Endocr J 2012; Feb 25.
Preoperative insulin secretion ability and pancreatic parenchymal thickness as useful parameters for predicting postoperative insulin secretion in patients undergoing pancreaticoduodenectomy.
Yoshikawa A, Kozawa J, Okita K, Yoneda S, Okauchi Y, Uno S, et al.
Department of Metabolic Medicine, Graduate School of Medicine, Osaka University. Osaka, Japan
Periampullary malignant neoplasms have been increasing in Japan, mainly in response to an increase in the incidences of pancreatic cancer, and glucose intolerance due to deterioration of insulin secretion is an important problem. The authors investigated preoperative parameters to predict postoperative insulin secretion and the need for insulin therapy in patients undergoing pancreaticoduodenectomy (PD). Thirty-six patients with malignant neoplasms of periampullary lesions were enrolled. Preoperative pancreatic parenchymal thickness was evaluated by computed tomography. Insulin secretion and glucose tolerance were evaluated by a 75 g oral glucose tolerance test and an intravenous glucagon loading test. The relationships between postoperative insulin secretion and preoperative parameters and the cut-off values for predicting the need for postoperative insulin therapy for glycemic control were investigated. Pancreatic parenchymal thickness and other preoperative parameters, including the increment of serum C-peptide (Δ C-peptide), fasting plasma C-peptide (F-CPR), insulinogenic index (I.I.) and fasting plasma glucose (FPG), were significantly associated with postoperative insulin secretion. Multiple regression analyses revealed that preoperative Δ C-peptide or F-CPR was the most significant determinant of postoperative insulin secretion, followed by pancreatic parenchymal thickness. In the receiver operating characteristic curve, the best preoperative cut-off values for predicting the need for postoperative insulin therapy were a Δ C-peptide of 0.65 ng/mL, a F-CPR of 0.85 ng/mL and a pancreatic parenchymal thickness of 6.0 mm. Both preoperative insulin secretion and pancreatic parenchymal thickness effectively predict postoperative insulin secretion and identify subjects who need postoperative insulin therapy for glycemic control.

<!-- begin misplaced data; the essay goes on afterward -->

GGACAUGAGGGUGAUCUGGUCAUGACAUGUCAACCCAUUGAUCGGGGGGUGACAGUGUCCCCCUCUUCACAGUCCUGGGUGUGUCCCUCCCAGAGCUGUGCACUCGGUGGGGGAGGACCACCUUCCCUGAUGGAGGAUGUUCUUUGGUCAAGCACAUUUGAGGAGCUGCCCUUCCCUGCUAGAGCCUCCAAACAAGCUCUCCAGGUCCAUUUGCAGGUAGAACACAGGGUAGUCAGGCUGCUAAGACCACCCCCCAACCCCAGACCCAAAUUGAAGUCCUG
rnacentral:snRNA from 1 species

Ann Oncol 2012; Feb 28.
European cancer mortality predictions for the year 2012.
Malvezzi M, Bertuccio P, Levi F, La Vecchia C, Negri E.
Department of Epidemiology, Istituto di Ricerche Farmacologiche 'Mario Negri'. Milan, Italy